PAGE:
Commons:Graphics village pump/October 2009

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Resizing SVG in Inksacpe[edit]

I've created the file File:United Kingdom Flag Specifications.svg using File:United Kingdom Flag.svg using Inkscape and I tried and failed it to fit all the objects added. I tried to go to "Document Properties" and clicked "Fit to Selection", but it also scaling the objects so it goes out of the borders everytime. How can I solve it? GilCahana (talk) 09:56, 3 October 2009 (UTC)

Many flags are simple enought to code by hand, see the source code of File:UK.svg. /Pieter Kuiper (talk) 10:04, 3 October 2009 (UTC)
Thanks, but that doesn't answer my question. I tried also to change the height and width in XML Editor, but still the objects scaled with the change. I'm not that good in XML so maybe I should have done more than that. GilCahana (talk) 10:50, 3 October 2009 (UTC)
Well I managed somehow using the XML editor. But there's got to be an easier way to do that. Thanks anyway. GilCahana (talk) 16:51, 3 October 2009 (UTC)
Inkscape has a tendency to resize when you use the "Fit to Selection" option. What I normally do is group all of the objects together, check the size of this object then create a new inkscape file with those sizes (possibly adding a bit of whitespace around it). Then it's simply to copy the group into the new image, move it to the desired position and ungroup it. /Lokal_Profil 22:57, 3 October 2009 (UTC)

Signatures to SVG[edit]

Is there someone who would be interested in converting File:Rob Wonderling sig.gif, File:TomCorbettSignature.jpg and File:Leachsig.png to SVG format, like File:Sarah palin signature.svg? Thanks folks,--Blargh29 (talk) 04:58, 5 October 2009 (UTC)

✓ Done Fresh helping from me to you. Find them at File:Rob Wonderling sig.svg, File:TomCorbettSignature.svg and File:Leachsig.svg! Hope you enjoy, Nesnad (talk) 09:53, 6 October 2009 (UTC)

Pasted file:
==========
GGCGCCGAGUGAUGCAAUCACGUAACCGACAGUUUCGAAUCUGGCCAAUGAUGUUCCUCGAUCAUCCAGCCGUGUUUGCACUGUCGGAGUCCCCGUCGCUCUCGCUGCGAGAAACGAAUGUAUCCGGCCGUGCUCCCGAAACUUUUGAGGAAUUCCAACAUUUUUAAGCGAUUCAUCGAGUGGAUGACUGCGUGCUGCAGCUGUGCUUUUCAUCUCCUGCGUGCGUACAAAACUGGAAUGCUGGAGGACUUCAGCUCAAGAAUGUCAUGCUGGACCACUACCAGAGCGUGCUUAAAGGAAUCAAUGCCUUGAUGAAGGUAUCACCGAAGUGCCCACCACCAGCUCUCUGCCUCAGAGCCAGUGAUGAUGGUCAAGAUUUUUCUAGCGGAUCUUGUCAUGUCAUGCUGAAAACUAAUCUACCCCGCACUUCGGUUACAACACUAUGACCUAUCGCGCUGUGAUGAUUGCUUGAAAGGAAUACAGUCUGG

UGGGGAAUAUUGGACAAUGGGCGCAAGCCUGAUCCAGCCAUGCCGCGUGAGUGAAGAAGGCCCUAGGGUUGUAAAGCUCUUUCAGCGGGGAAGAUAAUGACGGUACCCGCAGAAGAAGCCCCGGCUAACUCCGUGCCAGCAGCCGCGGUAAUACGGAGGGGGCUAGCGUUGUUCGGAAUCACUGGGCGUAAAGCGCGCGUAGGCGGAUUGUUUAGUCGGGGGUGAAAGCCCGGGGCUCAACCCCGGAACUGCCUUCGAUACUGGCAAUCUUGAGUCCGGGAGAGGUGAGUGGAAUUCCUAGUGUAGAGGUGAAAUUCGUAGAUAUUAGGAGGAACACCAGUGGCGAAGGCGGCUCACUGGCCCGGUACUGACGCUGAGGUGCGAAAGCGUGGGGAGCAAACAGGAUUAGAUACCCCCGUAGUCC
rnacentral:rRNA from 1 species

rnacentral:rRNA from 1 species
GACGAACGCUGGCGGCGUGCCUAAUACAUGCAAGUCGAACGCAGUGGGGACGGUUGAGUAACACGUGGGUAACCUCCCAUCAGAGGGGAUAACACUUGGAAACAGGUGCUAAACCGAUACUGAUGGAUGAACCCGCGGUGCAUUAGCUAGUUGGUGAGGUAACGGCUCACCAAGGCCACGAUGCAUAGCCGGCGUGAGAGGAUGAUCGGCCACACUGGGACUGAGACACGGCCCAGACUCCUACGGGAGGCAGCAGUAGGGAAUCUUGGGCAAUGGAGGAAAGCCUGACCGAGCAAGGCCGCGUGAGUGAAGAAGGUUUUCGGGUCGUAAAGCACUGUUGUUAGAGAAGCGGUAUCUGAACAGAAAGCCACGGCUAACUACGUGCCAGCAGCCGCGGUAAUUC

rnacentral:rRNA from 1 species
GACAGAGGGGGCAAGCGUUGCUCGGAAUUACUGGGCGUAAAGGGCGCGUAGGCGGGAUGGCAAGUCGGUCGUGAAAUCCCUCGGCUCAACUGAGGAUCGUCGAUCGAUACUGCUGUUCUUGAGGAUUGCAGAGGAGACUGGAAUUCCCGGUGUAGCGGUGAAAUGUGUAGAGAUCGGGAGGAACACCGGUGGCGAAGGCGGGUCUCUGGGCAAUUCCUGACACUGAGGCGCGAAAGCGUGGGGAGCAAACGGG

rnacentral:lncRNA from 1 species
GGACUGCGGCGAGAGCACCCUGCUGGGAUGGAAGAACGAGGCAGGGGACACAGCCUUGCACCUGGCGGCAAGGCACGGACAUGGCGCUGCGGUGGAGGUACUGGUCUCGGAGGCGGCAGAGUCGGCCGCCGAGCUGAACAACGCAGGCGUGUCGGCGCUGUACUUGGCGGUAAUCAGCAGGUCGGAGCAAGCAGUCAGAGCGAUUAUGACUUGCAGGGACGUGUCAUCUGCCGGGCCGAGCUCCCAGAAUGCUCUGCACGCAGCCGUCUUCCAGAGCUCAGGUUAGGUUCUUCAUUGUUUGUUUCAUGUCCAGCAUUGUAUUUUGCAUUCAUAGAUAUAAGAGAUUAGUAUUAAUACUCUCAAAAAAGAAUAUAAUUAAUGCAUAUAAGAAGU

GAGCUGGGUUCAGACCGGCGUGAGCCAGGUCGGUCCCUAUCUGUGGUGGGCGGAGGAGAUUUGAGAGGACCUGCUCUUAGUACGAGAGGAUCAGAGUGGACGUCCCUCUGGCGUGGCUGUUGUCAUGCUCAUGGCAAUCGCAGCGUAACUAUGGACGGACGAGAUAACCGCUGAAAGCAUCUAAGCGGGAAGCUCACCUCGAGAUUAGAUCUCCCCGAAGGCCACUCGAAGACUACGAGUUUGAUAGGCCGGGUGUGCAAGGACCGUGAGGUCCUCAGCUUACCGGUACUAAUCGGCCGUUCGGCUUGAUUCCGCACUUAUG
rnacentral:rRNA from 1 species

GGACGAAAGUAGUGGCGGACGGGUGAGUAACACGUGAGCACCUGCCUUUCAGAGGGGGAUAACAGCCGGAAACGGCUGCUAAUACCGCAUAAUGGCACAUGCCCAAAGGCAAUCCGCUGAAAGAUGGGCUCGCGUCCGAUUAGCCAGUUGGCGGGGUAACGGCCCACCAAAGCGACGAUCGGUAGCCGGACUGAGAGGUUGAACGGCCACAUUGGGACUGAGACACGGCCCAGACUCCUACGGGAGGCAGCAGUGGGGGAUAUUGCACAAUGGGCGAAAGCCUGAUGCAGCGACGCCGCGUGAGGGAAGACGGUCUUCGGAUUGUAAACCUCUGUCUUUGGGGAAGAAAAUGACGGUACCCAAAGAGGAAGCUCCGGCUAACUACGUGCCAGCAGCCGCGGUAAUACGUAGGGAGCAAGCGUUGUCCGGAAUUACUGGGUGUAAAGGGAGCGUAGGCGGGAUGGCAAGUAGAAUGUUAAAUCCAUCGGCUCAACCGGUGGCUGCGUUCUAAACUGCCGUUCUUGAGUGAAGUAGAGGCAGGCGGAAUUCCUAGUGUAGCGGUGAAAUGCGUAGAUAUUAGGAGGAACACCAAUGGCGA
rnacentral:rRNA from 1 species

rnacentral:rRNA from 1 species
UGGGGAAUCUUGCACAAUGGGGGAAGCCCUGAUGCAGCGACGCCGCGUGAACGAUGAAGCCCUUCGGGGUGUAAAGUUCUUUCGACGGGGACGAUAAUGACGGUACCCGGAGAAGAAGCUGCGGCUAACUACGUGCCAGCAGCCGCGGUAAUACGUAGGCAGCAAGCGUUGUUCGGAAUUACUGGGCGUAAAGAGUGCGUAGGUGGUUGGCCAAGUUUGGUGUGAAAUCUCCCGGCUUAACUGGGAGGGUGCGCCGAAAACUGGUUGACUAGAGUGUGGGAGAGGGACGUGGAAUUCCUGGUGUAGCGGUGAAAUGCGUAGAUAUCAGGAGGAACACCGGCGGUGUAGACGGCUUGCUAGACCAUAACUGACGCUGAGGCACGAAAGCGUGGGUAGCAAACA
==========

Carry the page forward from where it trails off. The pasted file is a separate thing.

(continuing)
[edit]

I'm missing a decently sized logo of the w:Railroad Retirement Board (pic). Could someone create it? Maybe someone finds a larger sized GIF anywhere in the internet to start from scratch (or upload a large-scaled image). Thanks, --Mattes (talk) 14:21, 20 October 2009 (UTC)

✓ Done Well.. sorta. The original logo's color scheme is a bit messy, and my logo attempt was a bit quick and dirty I suppose. I hope it works for now? It's a SVG file. And the nature of Wikipedia and Wikimedia means that it will be improved if others feel like it. Anycase, enjoy. File:Railroadretirementboardlogo-color.svg I took the liberty of adding it to the page in question for you. Cheers, Nesnad (talk) 15:53, 20 October 2009 (UTC)

Arrow alignment[edit]

Hi!

Does anybody knows how to align the arrows which are at C and F in this image?

Exercise 6 (Thales theorem).svg

When I open it at Inkscape it is aligned but after the upload it is not... I didn't understand what I'm doing wrong... Helder 00:33, 27 October 2009 (UTC)

This looks fine to me, I do not see a problem. However, in the image on File:Exercise 6 (Thales theorem).svg I see a problem with the "2" of 20. /Pieter Kuiper (talk) 20:38, 28 October 2009 (UTC)
I can see it in your first version, User:Justass corrected it. For the future: If you are using markers, you have to take care that the last Bezier "handle" (control point) is not in the same place as the last point of the line. Either use straight lines, or move the handle out to give it a direction. --Hk kng (talk) 18:49, 29 October 2009 (UTC)

SVG rendering of maps[edit]

Hello

I have uploaded several maps of abandoned railways in Slovenia. Usually I export a relavant area from OpenStreetMap (one of rare sites providing maps under a free license) into SVG, open this in Inkscape, draw something (e.g. curves) into it and upload it as a SVG file. Until recently it worked perfectly. However, two recently uploaded maps are not rendered correctly. In both cases Inkscape displays them correctly. Even if I click links to SVGs on both files' pages, my Firefox displays both of them as expected. The first one is File:Cave del predil Log-pod Mangartom tunnel map.svg. It displays a violet triangle in the upper right corner, which is not expected. The other one, File:Railway lines in Borovnica area-map.svg, is even more "interesting". It lacks even many elements from the original OpenStreetMap map, not to mention those coloured lines, explained in the file's description. It should render into sth. like this. Besides this, size of this SVG file is much smaller than of other maps, but when opening it in Inkscape, it consumes significantly more CPU power than other similar maps (it almost halts my computer!). Although the validators do not report anything suspicious, I wonder if something is wrong with this file. There are two versions of this file, the older is in Inkscape SVG (no problem with it until recently), the newer is converted into plain SVG and with vacuumed defs.